6. Pin regularly: Pin regularly to keep your account active and to reach more people. Aim to pin two times a week to start – to develop a habit and start building your body of work on Pinterest. Use a scheduling tool (the native Pinterest scheduler or an approved third-party one) to save time and be consistent. 

7. Use keywords: Use keywords in your pins, board titles, and descriptions to make it easier for people to find your content when they search for your topics on Pinterest.

8. Use call-to-actions: Include calls-to-action in your pins and descriptions to encourage people to take action. For example, you might ask them to visit a blog post, landing page, or another page on your website. Or to sign up for your email list or book a consultation with you. On some types of pins, a CTA to follow or save the pin might be in order. 

Claim your Instagram account on PinterestClaim your Instagram account on Pinterest

By following these steps, you can use Pinterest to generate leads for your coaching, consulting, or service-based business and capture those leads through lead magnets and landing pages.

Melissa, a client of mine who is a hormone and autoimmune health coach, generated 8600+ coaching client leads (organically!) in a 4-month period using Pinterest. (And she converted many of them to clients for her group coaching program!)

If you want to read more about how Melissa did this (with my help, of course!), head over and read this Pinterest traffic case study blog post. It will surely inspire you — and give you additional insight into using Pinterest for lead gen. 

A Word About Pinterest-Friendly Landing Pages 

Remember, Pinterest is a search engine. So more often than not, when someone finds you on Pinterest, it’s because she searched for something related to what you help with. She doesn’t usually already know, like, or trust you.

(We love that, BTW! Because Pinterest helps us always be bringing NEW people into our audiences and lists… People who are *already searching* for what we offer and create content about.) 

But… the other side of that coin is this:

She likely doesn’t know, like, or trust you yet. (I know, I already said that… but it’s both an opportunity and a challenge! 🙂) 

So, all this to say… 

Be sure your landing page / opt-in page is detailed enough to *really* sell the benefits of your lead magnet. 

If you send brand new people to simple landing page that just says, “Get the thing! Add your email here.”… but doesn’t give much context… you may not give them enough incentive to opt in. 

Giving the context a new person needs is pretty simple: 

Include a juicy headline, a subheading to show them they’re in the right place… and bullets that clearly convey what they will get, learn, have, etc… when they opt-in.

To see an example of a landing page that converts highly for me, you can check out this page for my Free Pinterest Marketing Masterclass.

Okay… Now let’s touch on this question… 

Is Pinterest good for lead generation? 

Yessss! So good! 

There are three main reasons why, really. (Although I could list more!)

1. Pinterest can give your offers and content exposure to a highly targeted audience. 

Pinterest users are often searching for specific products, services, or ideas. This makes it an ideal platform to target a specific audience that is interested in *exactly* what your coaching, consulting, or service-based business help with.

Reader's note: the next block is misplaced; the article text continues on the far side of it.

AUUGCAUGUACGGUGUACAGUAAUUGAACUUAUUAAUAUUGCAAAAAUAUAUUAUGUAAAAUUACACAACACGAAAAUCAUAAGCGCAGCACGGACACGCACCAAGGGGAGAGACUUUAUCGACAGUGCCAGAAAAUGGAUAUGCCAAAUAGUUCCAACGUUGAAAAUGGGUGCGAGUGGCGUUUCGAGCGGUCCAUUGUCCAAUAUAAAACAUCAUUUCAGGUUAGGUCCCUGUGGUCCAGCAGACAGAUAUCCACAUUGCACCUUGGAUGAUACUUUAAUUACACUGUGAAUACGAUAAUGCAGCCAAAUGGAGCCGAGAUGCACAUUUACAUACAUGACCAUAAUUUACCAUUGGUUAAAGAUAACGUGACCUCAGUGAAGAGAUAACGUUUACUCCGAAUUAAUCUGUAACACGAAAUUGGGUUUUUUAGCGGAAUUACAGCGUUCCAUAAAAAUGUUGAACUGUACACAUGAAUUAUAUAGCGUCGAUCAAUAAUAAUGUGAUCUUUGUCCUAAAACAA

For example, let’s circle back to that hormone health coach. When people search for things like “Foods for Hashimotos” or “PCOS remedies,” Pinterest can show them her pins, boards, and profile.

2. We can use multiple links on Pinterest!

(No limit, like on IG where you just have your one link in bio…)  

You can direct links to landing pages. Plus you can ALSO add links to any and all content you’ve created to build the case for accessing your lead magnets. This makes it easy for ideal clients to find a variety of ways to learn about your offers.

3. Pinterest is more low-maintenance than social media.

It requires less of your time than social media does. One reason is that you don’t have to engage. No commenting and DM-ing to be in favor of the algorithm. You can just pin and walk away until it’s time to pin again. 

And content has a muuuuuucchhhh longer shelf-life on Pinterest, because if you use the right keywords in the right ways, your profile and pins can be found in people’s searches for months – even years. (Remember, it’s a search engine.) 

(Huhhh… That’s sort of more than three reasons. 🤷🏻‍♀️Oh well! There are lots of good reasons to use Pinterest for lead generation. I over-delivered.) 

Okay now, here’s the most important question… 

How can *you* learn how to use Pinterest for lead generation?

If I had you at “low maintenance”… or at “multiple links”… or at “targeted audience”… you’re probably ready to put this into play for your coaching business. (Or your service-based business.) 

A great place to start is by learning my 5 Secrets for Using Pinterest to Attract Clients.

I reveal them all in my FREE Masterclass, and you can access it below! 🎉

In this free and valuable session, I’m pulling back the curtain on how to use Pinterest the right way. 

You’ll learn how to… 

  • Ditch the overwhelm that comes from aaaaaallll the Pinterest advice you’re hearing.
  • Know what to focus on – and what not to waste your time on – so you can generate a steady stream of quality, targeted leads for your offers.
  • Set yourself up for long-term, consistent sales – and even for success with those passive income offers you’re planning! 
  • Figure out what your ideal clients are really searching for – and get them to pay attention to you – on Pinterest!

Ready? Sign up here ⬇⬇⬇  – for FREE! Add your name and a good email address, and I’ll send access to your inbox – tout suite! 


Free Pinterest for Business Masterclass for Coaches